Should I Get a Mortgage with TD Canada Trust?

Jordann Brown
by Jordann Brown June 12, 2017 / No Comments

Buying a home is a complicated process with many factors to consider. You have to decide on your budget, your ideal neighbourhood, how many bedrooms you’d like, whether you want a fixer upper or something move-in ready, and what features are must haves. Then you must choose a real estate agent and decide whether to go with a traditional lender or a mortgage broker.

With so many choices to make in a short period of time, it can be tempting to simply apply for a mortgage with your current financial institution. Taking this easy route can be a mistake because there may be another institution out there that offers better mortgage options or better mortgage rates. It’s important to consider all of your options before applying for your mortgage, and below we’re going to look at getting a mortgage with TD Canada Trust. Let’s look at the unique features their mortgages offer:

The down payment

Like many lenders, TD Canada Trust is limited by federal regulations regarding the required size of your down payment. The federal regulations mean that this part of getting a mortgage with TD Canada Trust is the same as it is with any other lender. The minimum size of your home’s down payment is tied to the purchase price of the home. Here are the minimum required sizes according to the federal government:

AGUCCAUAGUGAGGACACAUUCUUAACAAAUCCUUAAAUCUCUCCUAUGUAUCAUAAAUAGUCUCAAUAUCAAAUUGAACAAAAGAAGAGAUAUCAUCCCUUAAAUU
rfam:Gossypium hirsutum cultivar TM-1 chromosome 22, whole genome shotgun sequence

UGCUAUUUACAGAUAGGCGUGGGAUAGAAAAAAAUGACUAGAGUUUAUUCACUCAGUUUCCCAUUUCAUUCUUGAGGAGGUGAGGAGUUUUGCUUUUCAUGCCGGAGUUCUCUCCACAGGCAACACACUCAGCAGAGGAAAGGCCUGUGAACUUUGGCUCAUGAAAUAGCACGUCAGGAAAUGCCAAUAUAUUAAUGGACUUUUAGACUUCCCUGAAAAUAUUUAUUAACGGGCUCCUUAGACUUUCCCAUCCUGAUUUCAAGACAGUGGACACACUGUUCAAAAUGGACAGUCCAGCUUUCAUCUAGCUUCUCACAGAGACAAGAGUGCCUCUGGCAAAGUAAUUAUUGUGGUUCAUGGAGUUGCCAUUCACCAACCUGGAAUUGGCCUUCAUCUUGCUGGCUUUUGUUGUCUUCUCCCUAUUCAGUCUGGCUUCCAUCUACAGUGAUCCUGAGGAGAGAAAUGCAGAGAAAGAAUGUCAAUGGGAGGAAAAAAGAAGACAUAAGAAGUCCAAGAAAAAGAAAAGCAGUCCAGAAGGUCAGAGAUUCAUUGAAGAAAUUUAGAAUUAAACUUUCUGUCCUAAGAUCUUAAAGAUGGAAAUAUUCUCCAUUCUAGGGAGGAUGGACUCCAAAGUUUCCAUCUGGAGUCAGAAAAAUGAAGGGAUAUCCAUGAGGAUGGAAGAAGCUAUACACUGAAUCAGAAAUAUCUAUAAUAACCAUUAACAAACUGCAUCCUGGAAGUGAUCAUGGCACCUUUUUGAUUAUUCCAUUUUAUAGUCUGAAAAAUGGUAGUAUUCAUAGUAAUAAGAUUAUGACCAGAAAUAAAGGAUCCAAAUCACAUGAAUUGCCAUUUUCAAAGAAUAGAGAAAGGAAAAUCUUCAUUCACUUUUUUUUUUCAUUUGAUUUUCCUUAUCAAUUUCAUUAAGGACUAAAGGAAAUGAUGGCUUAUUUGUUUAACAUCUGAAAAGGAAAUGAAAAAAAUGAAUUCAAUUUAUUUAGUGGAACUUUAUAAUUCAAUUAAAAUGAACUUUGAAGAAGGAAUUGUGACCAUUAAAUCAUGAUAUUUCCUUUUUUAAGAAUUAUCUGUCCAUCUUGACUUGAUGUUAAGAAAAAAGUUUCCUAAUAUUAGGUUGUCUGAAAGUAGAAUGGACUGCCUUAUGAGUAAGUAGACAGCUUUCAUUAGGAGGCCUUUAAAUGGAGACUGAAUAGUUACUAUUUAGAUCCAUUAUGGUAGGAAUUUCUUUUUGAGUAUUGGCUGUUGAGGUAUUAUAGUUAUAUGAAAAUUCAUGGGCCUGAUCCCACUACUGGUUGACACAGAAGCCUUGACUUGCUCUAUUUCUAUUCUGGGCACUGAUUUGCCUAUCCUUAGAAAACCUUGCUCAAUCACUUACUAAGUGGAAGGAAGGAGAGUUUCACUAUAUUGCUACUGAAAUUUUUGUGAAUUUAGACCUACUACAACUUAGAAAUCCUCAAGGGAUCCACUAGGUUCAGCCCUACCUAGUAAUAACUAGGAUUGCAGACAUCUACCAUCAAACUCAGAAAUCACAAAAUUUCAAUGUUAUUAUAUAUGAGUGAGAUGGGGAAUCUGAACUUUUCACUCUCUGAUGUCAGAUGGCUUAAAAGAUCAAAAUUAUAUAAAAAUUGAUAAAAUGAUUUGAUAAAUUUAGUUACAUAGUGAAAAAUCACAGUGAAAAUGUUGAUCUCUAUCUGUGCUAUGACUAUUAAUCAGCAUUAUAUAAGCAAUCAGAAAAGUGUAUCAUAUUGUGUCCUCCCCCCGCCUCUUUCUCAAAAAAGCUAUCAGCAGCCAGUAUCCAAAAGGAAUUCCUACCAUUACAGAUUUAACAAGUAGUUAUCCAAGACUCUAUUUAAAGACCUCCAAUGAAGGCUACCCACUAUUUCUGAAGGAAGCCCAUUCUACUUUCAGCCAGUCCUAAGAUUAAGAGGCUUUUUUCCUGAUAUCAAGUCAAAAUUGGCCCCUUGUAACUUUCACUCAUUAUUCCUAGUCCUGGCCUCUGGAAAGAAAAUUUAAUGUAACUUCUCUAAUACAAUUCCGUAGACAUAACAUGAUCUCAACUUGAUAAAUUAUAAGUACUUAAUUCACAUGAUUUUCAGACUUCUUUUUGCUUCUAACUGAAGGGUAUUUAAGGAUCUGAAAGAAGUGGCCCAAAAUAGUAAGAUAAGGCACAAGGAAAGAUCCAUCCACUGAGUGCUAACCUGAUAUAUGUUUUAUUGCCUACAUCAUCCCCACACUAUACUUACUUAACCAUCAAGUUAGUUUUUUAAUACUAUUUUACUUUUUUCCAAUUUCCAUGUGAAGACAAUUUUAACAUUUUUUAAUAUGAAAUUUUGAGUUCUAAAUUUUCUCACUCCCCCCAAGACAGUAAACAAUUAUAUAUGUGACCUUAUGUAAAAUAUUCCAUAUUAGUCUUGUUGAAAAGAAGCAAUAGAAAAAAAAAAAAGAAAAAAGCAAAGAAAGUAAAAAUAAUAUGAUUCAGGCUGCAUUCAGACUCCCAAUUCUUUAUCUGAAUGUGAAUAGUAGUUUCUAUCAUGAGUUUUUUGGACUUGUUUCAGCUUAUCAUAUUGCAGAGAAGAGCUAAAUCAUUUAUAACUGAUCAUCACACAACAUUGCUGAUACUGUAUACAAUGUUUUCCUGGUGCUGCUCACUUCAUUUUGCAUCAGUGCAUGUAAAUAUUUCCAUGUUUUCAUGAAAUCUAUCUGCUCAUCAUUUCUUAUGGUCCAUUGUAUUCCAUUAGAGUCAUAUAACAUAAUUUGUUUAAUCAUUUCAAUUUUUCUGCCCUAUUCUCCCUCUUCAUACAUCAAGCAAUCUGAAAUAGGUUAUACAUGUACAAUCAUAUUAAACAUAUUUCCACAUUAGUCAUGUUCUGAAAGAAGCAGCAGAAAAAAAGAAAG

• If the purchase price is less than $500,000, the minimum down payment is 5%.
  • If the purchase price is between $500,000 and $999,999.99, the minimum down payment is 5% on the first $500,000 and 10% on the remaining amount.
  • If the purchase price is more than $1 million, the minimum down payment is 20%.

There are some benefits to putting a down payment on your home that’s larger than the minimum. First, you can purchase more house when you put down a large down payment. You can use Ratehub.ca’s mortgage affordability calculator to help determine how a larger down payment will affect your maximum purchase price. Second, it can reduce the amount of mortgage default insurance you must pay.

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Mortgage default insurance

Mortgage default insurance, also known as CMHC insurance, protects the lender in case you default on your mortgage. If your down payment is less than 20% of the home’s purchase price, your mortgage is considered a high-ratio mortgage and you must purchase mortgage default insurance by law. The most common provider of mortgage default insurance is the Canada Mortgage and Housing Corporation (CMHC), which is why it is often just called CMHC insurance.

Your insurance premium is calculated as a percentage of your purchase price, and you’ll pay different premiums depending on how large your down payment is. Here are the different premium rates:

  • For down payments between 5% and 9.99% of the home’s purchase price, you’ll pay CMHC insurance premiums equaling 4% of the home’s purchase price.
  • For down payments between 10% and 14.99%, you’ll pay insurance premiums equaling 3.1% of the home’s purchase price.
  • For down payments between 15% and 19.99%, you’ll pay insurance premiums equaling 2.8% of the home’s purchase price.
  • If your down payment is 20% or more of the home’s purchase price, your mortgage is considered a conventional mortgage and you don’t have to purchase mortgage default insurance.